7 Surveillance after CRC resection Pts with resected stage 2 or 3 colon or rectal cancer- physician visit every 3-6 months for 1st 3 yrs and every 6 m 4 th and 5 th yrs and then yearly thereafter. CEA levels every 3 m stage 2 or 3 yrs All pts with CRC undergo a colonoscopy either before or within few months after resection to exclude synchronous polyps and cancer. Colonoscopy repeated one yr after primary resection, if normal 3 yrs later, if normal 5 yrs interval Post low antr resection of rectal cancer with no RT- flexible proctosigmoidoscopy every 6 m for 5 yrs Resected stage 2 or 3 –annual CT chest and abdomen or pelvis for 3 yrs FOBT, LFT, CBC, CXR, PET scan not recommended after surgery for f-up.

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9 Meyerhardt J and Mayer R. N Engl J Med 2005;352: Glossary of Treatments for Colorectal Cancer

10 Fluoropyrimidines Fluorouracil, a fluorinated pyrimidine, acts primarily by inhibiting thymidylate synthase. FU is administered with leucovorin, a reduced folate, which stabilizes binding of FU to thymidylate synthase. In advanced CRC, treatment with FU and leucovorin reduces tumor size by 50% or more in 20% and prolongs median survival from 6 m to about 11 months. Side effects: –loading schedule- 5 days every 4-5 wks- neutropenia and stomatitis –Wkly bolus doses-diarrhea –Continuous IV infusion-palmar-plantar dysesthesia[hand-foot syndrome] –Oral[cepacitabine {xeloda}]- hand foot syndrome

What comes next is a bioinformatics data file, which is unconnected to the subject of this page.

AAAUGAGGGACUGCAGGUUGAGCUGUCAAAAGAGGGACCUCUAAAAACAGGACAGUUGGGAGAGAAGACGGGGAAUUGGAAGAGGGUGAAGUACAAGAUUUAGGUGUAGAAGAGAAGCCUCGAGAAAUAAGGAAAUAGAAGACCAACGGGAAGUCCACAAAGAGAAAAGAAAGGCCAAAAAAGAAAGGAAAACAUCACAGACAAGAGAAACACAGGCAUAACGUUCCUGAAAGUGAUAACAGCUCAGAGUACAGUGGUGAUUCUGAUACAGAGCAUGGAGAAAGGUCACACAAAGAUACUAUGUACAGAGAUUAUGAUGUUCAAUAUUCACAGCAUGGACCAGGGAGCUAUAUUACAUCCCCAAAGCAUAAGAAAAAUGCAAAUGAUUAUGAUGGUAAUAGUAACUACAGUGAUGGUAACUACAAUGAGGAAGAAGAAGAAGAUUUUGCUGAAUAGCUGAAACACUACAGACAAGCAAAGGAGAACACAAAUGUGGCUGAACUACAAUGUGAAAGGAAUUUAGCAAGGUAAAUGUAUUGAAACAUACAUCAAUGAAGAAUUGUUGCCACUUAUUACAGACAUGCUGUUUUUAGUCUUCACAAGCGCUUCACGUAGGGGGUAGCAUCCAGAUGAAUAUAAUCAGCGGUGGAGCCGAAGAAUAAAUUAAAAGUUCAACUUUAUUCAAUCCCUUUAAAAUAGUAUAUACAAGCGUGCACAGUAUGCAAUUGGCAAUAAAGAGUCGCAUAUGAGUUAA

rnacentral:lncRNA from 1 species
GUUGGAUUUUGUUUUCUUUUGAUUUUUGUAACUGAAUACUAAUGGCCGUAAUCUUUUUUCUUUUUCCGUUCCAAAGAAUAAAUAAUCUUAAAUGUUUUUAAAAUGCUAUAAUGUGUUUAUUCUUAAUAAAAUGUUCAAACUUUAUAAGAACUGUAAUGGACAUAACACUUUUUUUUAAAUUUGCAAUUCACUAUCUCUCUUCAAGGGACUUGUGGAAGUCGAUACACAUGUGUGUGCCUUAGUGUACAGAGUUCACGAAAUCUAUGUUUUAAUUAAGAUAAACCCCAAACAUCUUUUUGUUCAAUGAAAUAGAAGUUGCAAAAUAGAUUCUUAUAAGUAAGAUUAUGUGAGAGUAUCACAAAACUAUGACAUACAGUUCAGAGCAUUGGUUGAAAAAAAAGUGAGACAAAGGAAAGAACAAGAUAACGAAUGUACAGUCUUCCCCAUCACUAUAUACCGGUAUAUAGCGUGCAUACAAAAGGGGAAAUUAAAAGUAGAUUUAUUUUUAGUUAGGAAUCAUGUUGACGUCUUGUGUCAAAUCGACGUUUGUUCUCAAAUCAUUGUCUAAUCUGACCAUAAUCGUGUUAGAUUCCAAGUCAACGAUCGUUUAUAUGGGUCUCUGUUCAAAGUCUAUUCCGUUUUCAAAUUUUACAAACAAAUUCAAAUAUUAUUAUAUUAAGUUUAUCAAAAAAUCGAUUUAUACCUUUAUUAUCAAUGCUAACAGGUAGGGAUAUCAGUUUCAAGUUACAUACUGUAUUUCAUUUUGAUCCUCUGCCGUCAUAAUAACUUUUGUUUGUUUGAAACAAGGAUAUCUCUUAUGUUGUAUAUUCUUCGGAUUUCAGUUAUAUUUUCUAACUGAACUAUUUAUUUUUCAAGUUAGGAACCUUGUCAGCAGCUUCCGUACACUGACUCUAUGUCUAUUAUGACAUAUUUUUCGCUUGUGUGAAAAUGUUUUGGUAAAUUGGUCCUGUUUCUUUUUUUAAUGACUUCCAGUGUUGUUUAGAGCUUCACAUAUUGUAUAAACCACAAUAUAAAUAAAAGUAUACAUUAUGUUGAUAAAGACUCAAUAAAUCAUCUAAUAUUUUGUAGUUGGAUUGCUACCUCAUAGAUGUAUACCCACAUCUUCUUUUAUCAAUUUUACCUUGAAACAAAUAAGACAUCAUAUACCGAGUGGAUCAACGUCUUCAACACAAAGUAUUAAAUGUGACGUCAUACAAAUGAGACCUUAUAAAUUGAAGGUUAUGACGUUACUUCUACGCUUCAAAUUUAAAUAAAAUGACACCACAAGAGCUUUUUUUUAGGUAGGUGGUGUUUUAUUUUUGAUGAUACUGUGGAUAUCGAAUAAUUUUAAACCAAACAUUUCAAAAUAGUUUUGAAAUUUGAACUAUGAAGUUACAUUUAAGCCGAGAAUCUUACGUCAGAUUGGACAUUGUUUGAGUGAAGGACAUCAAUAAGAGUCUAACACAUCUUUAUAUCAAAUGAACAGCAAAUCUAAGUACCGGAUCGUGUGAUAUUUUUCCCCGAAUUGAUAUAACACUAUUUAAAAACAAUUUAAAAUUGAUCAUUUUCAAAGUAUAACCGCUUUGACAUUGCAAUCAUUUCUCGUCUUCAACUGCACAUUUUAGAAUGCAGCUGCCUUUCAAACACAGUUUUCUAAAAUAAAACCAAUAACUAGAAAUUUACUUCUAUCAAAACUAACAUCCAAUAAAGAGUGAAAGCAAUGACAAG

11 Adjuvant therapy with FU In stage 3- adjuvant chemotherapy increased tumor free duration after five yrs from 42% to 58% and 5 yr survival from 51-64%, equally beneficial in elderly and in younger pts. Survival advantage in stage 2: 5%, pts with adherence of tumor to adjacent organ or bowel perforation or obstruction may benefit from adjuvant chemotherapy Regional therapy with fluoropyrimidines: –Infusion of FU or its analogue floxuridine into hepatic artery doubles response rates achieved with systemic administration of FU. –Toxicity: chemical hepatitis, cholangitis, catheter related complications, high overall costs limit its use.

12 Irinotecan[camptosar] A semisynthetic derivative of natural alkaloid camptothecin exerts it cytotoxic effect through topoisomerase- it stabilizes the DNA breaks and leads to cell death Toxic effects: N/V/diarrhea, bone marrow suppression and allopecia. 3 drug combination of IFL- twice as likely as FL to result in 50% or greater shrinkage of tumor dimensions with 2 m increase in median survival

13 Oxaliplatin A 3 rd gen platinum derivative that forms bulky DNA adducts and induces cellular apoptosis Oxaliplatin and FU were highly synergistic due to down regulation of thymidylate synthase by OX which potentiates the efficacy of FU. Toxicity:renal dysfunction, alopecia, ototoxicity uncommon but neuropathy more frequent. Clinical benefit when combined with blous FU and leukovorin followed by 46 hr infusion of FU-FOLFOX. Can be used as a 1 st line combination therapy for metastatic disease Greater likelihood of remaining disease free of recurrence after 4 yrs[76% vs 69%] stage 3-76 vs 69%, stage vs 81% and not significant.